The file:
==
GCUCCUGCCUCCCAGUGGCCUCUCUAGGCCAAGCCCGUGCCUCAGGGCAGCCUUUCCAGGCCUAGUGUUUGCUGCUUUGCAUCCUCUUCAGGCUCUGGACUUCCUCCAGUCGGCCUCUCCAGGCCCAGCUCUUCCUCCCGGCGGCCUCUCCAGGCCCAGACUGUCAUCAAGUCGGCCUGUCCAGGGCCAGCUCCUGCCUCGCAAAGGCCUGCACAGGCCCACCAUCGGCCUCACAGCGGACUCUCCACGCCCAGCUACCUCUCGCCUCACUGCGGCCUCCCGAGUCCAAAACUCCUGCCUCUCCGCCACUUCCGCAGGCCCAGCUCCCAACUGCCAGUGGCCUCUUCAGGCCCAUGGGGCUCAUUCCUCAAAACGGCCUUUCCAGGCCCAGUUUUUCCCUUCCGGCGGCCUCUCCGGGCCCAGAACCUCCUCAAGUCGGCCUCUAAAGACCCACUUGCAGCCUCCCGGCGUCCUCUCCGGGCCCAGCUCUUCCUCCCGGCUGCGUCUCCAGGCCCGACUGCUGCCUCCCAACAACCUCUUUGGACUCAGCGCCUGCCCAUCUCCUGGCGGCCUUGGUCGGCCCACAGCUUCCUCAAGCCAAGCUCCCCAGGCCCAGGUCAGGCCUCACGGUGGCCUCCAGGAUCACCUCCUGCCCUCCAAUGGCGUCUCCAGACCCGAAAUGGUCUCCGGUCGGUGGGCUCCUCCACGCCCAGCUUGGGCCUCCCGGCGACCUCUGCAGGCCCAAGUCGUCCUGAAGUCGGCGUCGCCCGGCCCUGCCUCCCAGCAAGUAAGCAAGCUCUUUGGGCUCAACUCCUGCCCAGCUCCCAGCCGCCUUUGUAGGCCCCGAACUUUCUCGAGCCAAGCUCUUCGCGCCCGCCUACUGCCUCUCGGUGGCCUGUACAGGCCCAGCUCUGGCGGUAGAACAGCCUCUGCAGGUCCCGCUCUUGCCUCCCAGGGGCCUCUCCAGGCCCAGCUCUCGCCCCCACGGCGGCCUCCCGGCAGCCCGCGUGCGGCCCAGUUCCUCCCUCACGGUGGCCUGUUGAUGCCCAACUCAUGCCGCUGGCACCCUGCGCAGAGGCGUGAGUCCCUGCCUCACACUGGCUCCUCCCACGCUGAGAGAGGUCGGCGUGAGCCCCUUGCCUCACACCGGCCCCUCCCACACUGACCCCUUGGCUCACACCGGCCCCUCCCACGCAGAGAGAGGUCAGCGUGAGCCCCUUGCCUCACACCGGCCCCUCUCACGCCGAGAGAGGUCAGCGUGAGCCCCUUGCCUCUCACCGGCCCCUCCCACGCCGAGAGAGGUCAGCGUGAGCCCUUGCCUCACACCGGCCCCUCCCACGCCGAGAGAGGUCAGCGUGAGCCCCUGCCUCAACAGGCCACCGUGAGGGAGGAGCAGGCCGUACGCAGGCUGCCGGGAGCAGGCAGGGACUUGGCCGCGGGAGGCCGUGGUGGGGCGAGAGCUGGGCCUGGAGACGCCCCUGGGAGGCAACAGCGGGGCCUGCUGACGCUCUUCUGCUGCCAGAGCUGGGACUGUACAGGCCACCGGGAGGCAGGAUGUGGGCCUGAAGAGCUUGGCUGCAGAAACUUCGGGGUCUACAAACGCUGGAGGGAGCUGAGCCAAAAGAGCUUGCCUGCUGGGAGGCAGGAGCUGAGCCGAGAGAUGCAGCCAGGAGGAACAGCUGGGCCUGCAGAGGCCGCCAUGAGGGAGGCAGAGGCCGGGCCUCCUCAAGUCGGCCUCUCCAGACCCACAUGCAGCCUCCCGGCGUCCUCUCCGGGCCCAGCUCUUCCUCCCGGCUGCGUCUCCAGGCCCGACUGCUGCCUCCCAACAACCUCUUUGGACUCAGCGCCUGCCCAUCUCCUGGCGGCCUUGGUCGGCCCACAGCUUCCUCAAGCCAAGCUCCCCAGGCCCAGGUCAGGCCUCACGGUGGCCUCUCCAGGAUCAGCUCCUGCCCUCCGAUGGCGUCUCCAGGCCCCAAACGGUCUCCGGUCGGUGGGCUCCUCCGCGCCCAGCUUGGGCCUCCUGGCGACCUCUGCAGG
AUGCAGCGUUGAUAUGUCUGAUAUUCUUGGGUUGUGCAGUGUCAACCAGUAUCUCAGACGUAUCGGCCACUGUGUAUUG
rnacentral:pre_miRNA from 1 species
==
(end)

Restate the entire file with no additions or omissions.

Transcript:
GCUCCUGCCUCCCAGUGGCCUCUCUAGGCCAAGCCCGUGCCUCAGGGCAGCCUUUCCAGGCCUAGUGUUUGCUGCUUUGCAUCCUCUUCAGGCUCUGGACUUCCUCCAGUCGGCCUCUCCAGGCCCAGCUCUUCCUCCCGGCGGCCUCUCCAGGCCCAGACUGUCAUCAAGUCGGCCUGUCCAGGGCCAGCUCCUGCCUCGCAAAGGCCUGCACAGGCCCACCAUCGGCCUCACAGCGGACUCUCCACGCCCAGCUACCUCUCGCCUCACUGCGGCCUCCCGAGUCCAAAACUCCUGCCUCUCCGCCACUUCCGCAGGCCCAGCUCCCAACUGCCAGUGGCCUCUUCAGGCCCAUGGGGCUCAUUCCUCAAAACGGCCUUUCCAGGCCCAGUUUUUCCCUUCCGGCGGCCUCUCCGGGCCCAGAACCUCCUCAAGUCGGCCUCUAAAGACCCACUUGCAGCCUCCCGGCGUCCUCUCCGGGCCCAGCUCUUCCUCCCGGCUGCGUCUCCAGGCCCGACUGCUGCCUCCCAACAACCUCUUUGGACUCAGCGCCUGCCCAUCUCCUGGCGGCCUUGGUCGGCCCACAGCUUCCUCAAGCCAAGCUCCCCAGGCCCAGGUCAGGCCUCACGGUGGCCUCCAGGAUCACCUCCUGCCCUCCAAUGGCGUCUCCAGACCCGAAAUGGUCUCCGGUCGGUGGGCUCCUCCACGCCCAGCUUGGGCCUCCCGGCGACCUCUGCAGGCCCAAGUCGUCCUGAAGUCGGCGUCGCCCGGCCCUGCCUCCCAGCAAGUAAGCAAGCUCUUUGGGCUCAACUCCUGCCCAGCUCCCAGCCGCCUUUGUAGGCCCCGAACUUUCUCGAGCCAAGCUCUUCGCGCCCGCCUACUGCCUCUCGGUGGCCUGUACAGGCCCAGCUCUGGCGGUAGAACAGCCUCUGCAGGUCCCGCUCUUGCCUCCCAGGGGCCUCUCCAGGCCCAGCUCUCGCCCCCACGGCGGCCUCCCGGCAGCCCGCGUGCGGCCCAGUUCCUCCCUCACGGUGGCCUGUUGAUGCCCAACUCAUGCCGCUGGCACCCUGCGCAGAGGCGUGAGUCCCUGCCUCACACUGGCUCCUCCCACGCUGAGAGAGGUCGGCGUGAGCCCCUUGCCUCACACCGGCCCCUCCCACACUGACCCCUUGGCUCACACCGGCCCCUCCCACGCAGAGAGAGGUCAGCGUGAGCCCCUUGCCUCACACCGGCCCCUCUCACGCCGAGAGAGGUCAGCGUGAGCCCCUUGCCUCUCACCGGCCCCUCCCACGCCGAGAGAGGUCAGCGUGAGCCCUUGCCUCACACCGGCCCCUCCCACGCCGAGAGAGGUCAGCGUGAGCCCCUGCCUCAACAGGCCACCGUGAGGGAGGAGCAGGCCGUACGCAGGCUGCCGGGAGCAGGCAGGGACUUGGCCGCGGGAGGCCGUGGUGGGGCGAGAGCUGGGCCUGGAGACGCCCCUGGGAGGCAACAGCGGGGCCUGCUGACGCUCUUCUGCUGCCAGAGCUGGGACUGUACAGGCCACCGGGAGGCAGGAUGUGGGCCUGAAGAGCUUGGCUGCAGAAACUUCGGGGUCUACAAACGCUGGAGGGAGCUGAGCCAAAAGAGCUUGCCUGCUGGGAGGCAGGAGCUGAGCCGAGAGAUGCAGCCAGGAGGAACAGCUGGGCCUGCAGAGGCCGCCAUGAGGGAGGCAGAGGCCGGGCCUCCUCAAGUCGGCCUCUCCAGACCCACAUGCAGCCUCCCGGCGUCCUCUCCGGGCCCAGCUCUUCCUCCCGGCUGCGUCUCCAGGCCCGACUGCUGCCUCCCAACAACCUCUUUGGACUCAGCGCCUGCCCAUCUCCUGGCGGCCUUGGUCGGCCCACAGCUUCCUCAAGCCAAGCUCCCCAGGCCCAGGUCAGGCCUCACGGUGGCCUCUCCAGGAUCAGCUCCUGCCCUCCGAUGGCGUCUCCAGGCCCCAAACGGUCUCCGGUCGGUGGGCUCCUCCGCGCCCAGCUUGGGCCUCCUGGCGACCUCUGCAGG
AUGCAGCGUUGAUAUGUCUGAUAUUCUUGGGUUGUGCAGUGUCAACCAGUAUCUCAGACGUAUCGGCCACUGUGUAUUG
rnacentral:pre_miRNA from 1 species